New research has found a staggeringly high number of people being abused or manipulated by people they believed to be their friend
Children with Asperger’s and autism are being bullied, abused and even robbed by people they think are their friends, according to study revealing the horrific extent of so-called “mate crime”.
A staggeringly high number of people with autism and Asperger’s syndrome are being subjected to mate crime, a form of disability hate crime in which a vulnerable person is manipulated or abused by someone they believed to be their friend, a survey by an autism charity has found.
The research uncovered heartbreaking stories of abuse – including one vulnerable young person who was tricked into giving his debit card and PIN number to a so-called friend who then used it run up huge bills. The parents of one 17-year-old girl told researchers how their daughter was robbed of her iPod and phone by classmates at school – and now had a boyfriend who “always turns up when it is her payday for her DLA” [disability living allowance].
A parent of a 14-year-old boy who responded to the survey said, “My son is absolutely harmless and extremely vulnerable. It is so hard explaining that people are making fun of him.”
A young man with autism said, “I was frightened to tell anyone about the bullying and theft and manipulation.” Another respondent said: “My brother was befriended by neighbours who robbed him and stored drugs in his flat.”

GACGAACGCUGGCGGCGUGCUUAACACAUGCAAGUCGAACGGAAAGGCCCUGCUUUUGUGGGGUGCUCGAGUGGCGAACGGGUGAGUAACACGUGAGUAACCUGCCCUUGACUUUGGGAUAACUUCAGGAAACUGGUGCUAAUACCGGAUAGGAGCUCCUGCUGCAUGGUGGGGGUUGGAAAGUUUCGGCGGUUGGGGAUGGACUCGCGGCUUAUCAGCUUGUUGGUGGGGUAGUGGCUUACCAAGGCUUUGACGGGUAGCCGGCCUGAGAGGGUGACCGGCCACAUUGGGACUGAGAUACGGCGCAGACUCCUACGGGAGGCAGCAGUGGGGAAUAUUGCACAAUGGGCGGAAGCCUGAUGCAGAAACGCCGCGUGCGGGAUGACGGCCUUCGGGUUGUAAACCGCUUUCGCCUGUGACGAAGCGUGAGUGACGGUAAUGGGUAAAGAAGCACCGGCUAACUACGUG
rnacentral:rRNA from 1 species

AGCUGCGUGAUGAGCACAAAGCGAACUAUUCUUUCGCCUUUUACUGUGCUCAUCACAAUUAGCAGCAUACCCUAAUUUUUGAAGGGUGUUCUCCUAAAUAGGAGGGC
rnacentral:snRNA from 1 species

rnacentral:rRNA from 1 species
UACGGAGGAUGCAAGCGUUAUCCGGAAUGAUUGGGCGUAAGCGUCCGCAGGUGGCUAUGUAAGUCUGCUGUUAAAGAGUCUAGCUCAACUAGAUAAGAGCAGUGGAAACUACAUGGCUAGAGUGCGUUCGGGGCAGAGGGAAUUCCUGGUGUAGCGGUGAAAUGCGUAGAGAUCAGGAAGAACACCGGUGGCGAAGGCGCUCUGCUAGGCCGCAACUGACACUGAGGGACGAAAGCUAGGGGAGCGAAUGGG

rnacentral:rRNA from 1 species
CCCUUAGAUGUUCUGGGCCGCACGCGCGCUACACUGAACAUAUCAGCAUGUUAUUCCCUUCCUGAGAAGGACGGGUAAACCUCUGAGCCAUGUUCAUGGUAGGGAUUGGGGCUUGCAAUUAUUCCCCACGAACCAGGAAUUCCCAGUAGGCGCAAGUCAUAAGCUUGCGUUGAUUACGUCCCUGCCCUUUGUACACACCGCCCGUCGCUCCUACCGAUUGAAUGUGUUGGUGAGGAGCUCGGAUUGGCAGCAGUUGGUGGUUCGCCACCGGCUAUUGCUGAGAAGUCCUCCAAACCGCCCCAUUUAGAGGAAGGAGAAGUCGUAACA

The report was based on an online survey of nearly 150 people with autism or Asperger’s syndrome or their carers conducted by Wirral Autistic Society earlier this year.
Robin Bush, CEO of the society, said, “Mate crime is morally reprehensible and these people are cowards. People with autism struggle enough with the complexities of daily life without having to live in fear that people who pretend to be their friends will steal from them, assault them or encourage them to commit crimes on their behalf. “
The report found that 80 per cent of respondents over the age of 16 felt they had been bullied or taken advantage of by someone they had thought was a friend. This compares to a figure of 49 per cent when the National Autistic Society asked the same question of over-18s in a nationwide survey last year.
The most vulnerable age group was 16 to 25. Every respondent in that age group reported having difficulty distinguishing genuine friends from those who may bully or abuse the friendship in some way. Eight out of 10 said that fear of bullying had caused them to turn down social opportunities.
More than seven out of 10 (71 per cent) respondents of all ages who had been victims of mate crime had been subject to verbal abuse. More than half (54 per cent) of 12-16 year-olds had had money or possessions stolen. Almost three-quarters (74 per cent) of over-25s reported that they had been manipulated.
Over a third of adults with autism had been subject to bullying or manipulation of a sexual nature – including being coerced into “sexting”.
The report concluded that people with autism were often unaware that they are in an abusive relationship. Parents and carers were the ones who recognised the problem but reported that they felt at a loss about who to turn to for help.